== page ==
Mobility, Data, and Behavior: The TrafficO2 Case Study

Mobility, Data, and Behavior: The TrafficO2 Case Study

Salvatore Di Dio (Scuola Politecnica Università degli Studi di Palermo, Italy), Barbara Lo Casto (Scuola Politecnica Università degli Studi di Palermo, Italy), Fabrizio Micari (Scuola Politecnica Università degli Studi di Palermo, Italy), Gianfranco Rizzo (Scuola Politecnica Università degli Studi di Palermo, Italy) and Ignazio Vinci (Scuola Politecnica Università degli Studi di Palermo, Italy)
DOI: 10.4018/978-1-4666-8282-5.ch018
OnDemand PDF Download:
List Price: $37.50


This chapter presents the social innovation project “TrafficO2”, a support system for decision-making in the field of transportation that tries to push commuters towards more sustainable mobility by providing concrete incentives for each responsible choice. After focusing on Palermo, Italy, the context of this case study, this chapter provides a detailed description of the TrafficO2 model. Specifically, the chapter deals with the analysis of a selected sample of users among Palermo University students who commute daily to their respective University departments on campus. Starting from the modal split of the actual situation (Status Quo scenario), another behavior scenario (Do your right mix) is designed and promoted to encourage users to create a better mix of existing mobility means and reduce the use of private vehicles powered by combustibles. The first test that was performed confirmed the reliability of the initiative.
Chapter Preview


The development of urban sustainable design models in the field of transportation is becoming more connected to social sciences and ICT technologies (Patier & Browne, 2010). The main reason is given by the ability to rapidly understand the different motivations that lead people (Moore, 2011) and, therefore, the various social categories that define the urban community, to choose one urban transport system over another (Nasrudin & Nor, 2013). In fact, starting from this analysis it should be possible to develop solutions with the purpose of implementing and inducing more sustainable behavior regarding the use of urban transport. It is often argued that the choice of urban transport system depends on the circumstances and on current infrastructure; therefore, it is hard to develop convincing tests in the field without literally building different infrastructure (Urry, 2012). Also, habits are a key element for defining transport models, and this makes individual behavior changes very difficult to implement.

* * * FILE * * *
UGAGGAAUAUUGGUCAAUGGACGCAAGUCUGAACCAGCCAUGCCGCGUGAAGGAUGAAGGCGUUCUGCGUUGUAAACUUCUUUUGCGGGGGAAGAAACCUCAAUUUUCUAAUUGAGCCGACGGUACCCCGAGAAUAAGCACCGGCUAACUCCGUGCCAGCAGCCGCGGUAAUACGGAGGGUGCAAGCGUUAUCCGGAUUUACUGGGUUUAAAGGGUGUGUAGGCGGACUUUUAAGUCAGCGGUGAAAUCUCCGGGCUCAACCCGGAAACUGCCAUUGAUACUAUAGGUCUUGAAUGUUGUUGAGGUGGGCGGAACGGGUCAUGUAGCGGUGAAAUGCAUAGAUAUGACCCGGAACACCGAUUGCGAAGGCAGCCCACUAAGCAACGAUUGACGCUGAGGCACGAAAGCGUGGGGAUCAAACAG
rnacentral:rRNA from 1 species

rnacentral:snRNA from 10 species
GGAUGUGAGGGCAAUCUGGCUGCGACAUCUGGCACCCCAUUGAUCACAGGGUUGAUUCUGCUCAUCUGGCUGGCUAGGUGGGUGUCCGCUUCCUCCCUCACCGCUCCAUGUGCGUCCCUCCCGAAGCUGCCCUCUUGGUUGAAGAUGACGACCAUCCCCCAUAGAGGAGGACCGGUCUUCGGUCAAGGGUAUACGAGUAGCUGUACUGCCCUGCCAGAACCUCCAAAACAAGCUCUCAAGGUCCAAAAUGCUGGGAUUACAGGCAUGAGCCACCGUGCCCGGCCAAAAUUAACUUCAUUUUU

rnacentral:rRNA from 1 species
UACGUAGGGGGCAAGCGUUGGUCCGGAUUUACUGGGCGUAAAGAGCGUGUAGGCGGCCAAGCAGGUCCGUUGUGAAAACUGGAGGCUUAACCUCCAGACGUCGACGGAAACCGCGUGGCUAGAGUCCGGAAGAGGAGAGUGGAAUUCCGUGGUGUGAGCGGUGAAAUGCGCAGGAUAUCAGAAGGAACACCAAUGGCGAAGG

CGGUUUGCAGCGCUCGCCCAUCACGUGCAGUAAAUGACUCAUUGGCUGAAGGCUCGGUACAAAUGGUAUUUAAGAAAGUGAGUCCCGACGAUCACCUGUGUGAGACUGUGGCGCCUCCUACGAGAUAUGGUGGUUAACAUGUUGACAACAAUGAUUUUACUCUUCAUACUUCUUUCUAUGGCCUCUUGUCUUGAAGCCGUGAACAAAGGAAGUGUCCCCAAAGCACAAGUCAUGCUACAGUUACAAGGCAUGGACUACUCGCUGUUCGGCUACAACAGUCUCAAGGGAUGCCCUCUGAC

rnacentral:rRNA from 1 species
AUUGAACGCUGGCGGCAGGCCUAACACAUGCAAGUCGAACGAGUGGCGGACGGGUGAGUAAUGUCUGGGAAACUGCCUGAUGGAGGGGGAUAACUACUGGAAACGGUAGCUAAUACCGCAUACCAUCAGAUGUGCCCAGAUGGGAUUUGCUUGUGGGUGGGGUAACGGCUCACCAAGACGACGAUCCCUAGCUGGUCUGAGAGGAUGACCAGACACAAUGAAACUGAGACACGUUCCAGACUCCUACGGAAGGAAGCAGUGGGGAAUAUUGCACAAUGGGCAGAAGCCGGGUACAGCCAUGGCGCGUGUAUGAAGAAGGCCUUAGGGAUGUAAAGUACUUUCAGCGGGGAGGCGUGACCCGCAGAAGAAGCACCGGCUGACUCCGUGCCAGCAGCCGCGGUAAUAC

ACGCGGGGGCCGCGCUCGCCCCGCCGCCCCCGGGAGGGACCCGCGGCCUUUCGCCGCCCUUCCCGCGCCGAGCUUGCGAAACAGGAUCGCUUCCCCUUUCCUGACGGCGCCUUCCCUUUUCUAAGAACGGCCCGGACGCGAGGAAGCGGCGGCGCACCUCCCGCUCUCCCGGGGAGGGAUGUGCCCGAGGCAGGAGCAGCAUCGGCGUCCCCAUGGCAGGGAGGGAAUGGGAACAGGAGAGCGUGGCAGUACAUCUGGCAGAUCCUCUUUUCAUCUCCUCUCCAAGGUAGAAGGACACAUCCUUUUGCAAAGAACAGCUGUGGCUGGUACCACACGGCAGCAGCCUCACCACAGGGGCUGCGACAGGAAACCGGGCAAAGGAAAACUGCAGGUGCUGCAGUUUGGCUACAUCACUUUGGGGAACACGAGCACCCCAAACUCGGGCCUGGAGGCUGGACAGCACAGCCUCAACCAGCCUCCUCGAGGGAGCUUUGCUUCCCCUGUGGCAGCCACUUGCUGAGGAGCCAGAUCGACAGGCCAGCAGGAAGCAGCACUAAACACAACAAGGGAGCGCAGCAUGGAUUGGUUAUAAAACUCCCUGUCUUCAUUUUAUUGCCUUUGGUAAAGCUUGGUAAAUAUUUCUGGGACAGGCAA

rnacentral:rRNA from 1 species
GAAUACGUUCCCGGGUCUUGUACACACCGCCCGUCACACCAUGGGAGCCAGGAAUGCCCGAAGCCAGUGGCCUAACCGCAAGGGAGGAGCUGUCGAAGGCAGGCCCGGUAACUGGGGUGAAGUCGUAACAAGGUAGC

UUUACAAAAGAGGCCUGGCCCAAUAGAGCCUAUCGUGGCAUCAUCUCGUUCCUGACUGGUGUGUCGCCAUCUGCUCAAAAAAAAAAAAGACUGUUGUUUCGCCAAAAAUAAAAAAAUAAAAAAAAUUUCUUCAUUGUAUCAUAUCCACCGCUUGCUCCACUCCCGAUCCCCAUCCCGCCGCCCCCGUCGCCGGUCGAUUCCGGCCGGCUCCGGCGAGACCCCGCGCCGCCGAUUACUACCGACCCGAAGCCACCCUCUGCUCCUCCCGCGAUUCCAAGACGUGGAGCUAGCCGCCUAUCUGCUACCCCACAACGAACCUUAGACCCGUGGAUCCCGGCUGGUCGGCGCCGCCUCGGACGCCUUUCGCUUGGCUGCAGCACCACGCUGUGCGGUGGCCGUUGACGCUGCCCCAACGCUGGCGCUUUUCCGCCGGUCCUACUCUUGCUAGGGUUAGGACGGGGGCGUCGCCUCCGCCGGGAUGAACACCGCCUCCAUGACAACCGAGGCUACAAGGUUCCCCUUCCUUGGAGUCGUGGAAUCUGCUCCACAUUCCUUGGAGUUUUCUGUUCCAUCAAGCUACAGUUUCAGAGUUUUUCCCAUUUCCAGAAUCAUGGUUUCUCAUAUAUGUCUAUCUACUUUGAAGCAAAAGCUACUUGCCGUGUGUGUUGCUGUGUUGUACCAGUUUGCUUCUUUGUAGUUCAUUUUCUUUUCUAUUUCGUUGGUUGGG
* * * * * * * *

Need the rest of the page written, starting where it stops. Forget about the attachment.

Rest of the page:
It is not only a question of top-down policies (Singapore Land Transport Authority, 2008), but it is also about bottom-up dynamics guided by citizens’ lifestyles, daily habits and the ways they perceive the city itself (Gatersleben et al., 2013).

According to the “Urban Metabolism” metaphor (Pincetl et al., 2012), in order to improve the “body’s” performance, we should operate upon the “nervous system”, i.e. on the people that too often ‘use’ the city improperly (Wamsler & Brink, 2014). Alongside the projects for retrofitting the urban systems (Luederitz et al., 2013) and the new urban transport policies (de Freitas Miranda & Rodrigues da Silva, 2012), research projects that tie “transport-values-communication-behaviors” are rapidly growing (Næss, 2013).